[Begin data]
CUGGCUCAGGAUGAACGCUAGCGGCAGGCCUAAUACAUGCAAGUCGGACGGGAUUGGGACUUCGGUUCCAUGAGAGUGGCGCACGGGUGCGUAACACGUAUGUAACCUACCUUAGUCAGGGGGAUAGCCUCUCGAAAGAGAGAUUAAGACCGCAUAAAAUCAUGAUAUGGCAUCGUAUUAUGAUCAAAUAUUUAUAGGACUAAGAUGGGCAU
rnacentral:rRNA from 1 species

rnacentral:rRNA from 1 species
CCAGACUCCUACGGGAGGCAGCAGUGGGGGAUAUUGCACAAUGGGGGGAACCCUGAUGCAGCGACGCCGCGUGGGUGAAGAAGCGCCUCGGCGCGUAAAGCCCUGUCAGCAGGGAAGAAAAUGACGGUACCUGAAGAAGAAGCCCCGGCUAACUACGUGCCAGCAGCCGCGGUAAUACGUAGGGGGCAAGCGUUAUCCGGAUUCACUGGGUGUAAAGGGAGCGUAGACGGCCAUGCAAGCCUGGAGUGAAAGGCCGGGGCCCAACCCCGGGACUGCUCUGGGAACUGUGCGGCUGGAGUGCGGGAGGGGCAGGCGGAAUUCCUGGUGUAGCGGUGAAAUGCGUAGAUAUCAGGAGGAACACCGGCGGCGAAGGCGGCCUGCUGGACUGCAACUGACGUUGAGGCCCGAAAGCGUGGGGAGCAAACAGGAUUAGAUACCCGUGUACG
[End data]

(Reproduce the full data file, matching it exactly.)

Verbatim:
CUGGCUCAGGAUGAACGCUAGCGGCAGGCCUAAUACAUGCAAGUCGGACGGGAUUGGGACUUCGGUUCCAUGAGAGUGGCGCACGGGUGCGUAACACGUAUGUAACCUACCUUAGUCAGGGGGAUAGCCUCUCGAAAGAGAGAUUAAGACCGCAUAAAAUCAUGAUAUGGCAUCGUAUUAUGAUCAAAUAUUUAUAGGACUAAGAUGGGCAU
rnacentral:rRNA from 1 species

rnacentral:rRNA from 1 species
CCAGACUCCUACGGGAGGCAGCAGUGGGGGAUAUUGCACAAUGGGGGGAACCCUGAUGCAGCGACGCCGCGUGGGUGAAGAAGCGCCUCGGCGCGUAAAGCCCUGUCAGCAGGGAAGAAAAUGACGGUACCUGAAGAAGAAGCCCCGGCUAACUACGUGCCAGCAGCCGCGGUAAUACGUAGGGGGCAAGCGUUAUCCGGAUUCACUGGGUGUAAAGGGAGCGUAGACGGCCAUGCAAGCCUGGAGUGAAAGGCCGGGGCCCAACCCCGGGACUGCUCUGGGAACUGUGCGGCUGGAGUGCGGGAGGGGCAGGCGGAAUUCCUGGUGUAGCGGUGAAAUGCGUAGAUAUCAGGAGGAACACCGGCGGCGAAGGCGGCCUGCUGGACUGCAACUGACGUUGAGGCCCGAAAGCGUGGGGAGCAAACAGGAUUAGAUACCCGUGUACG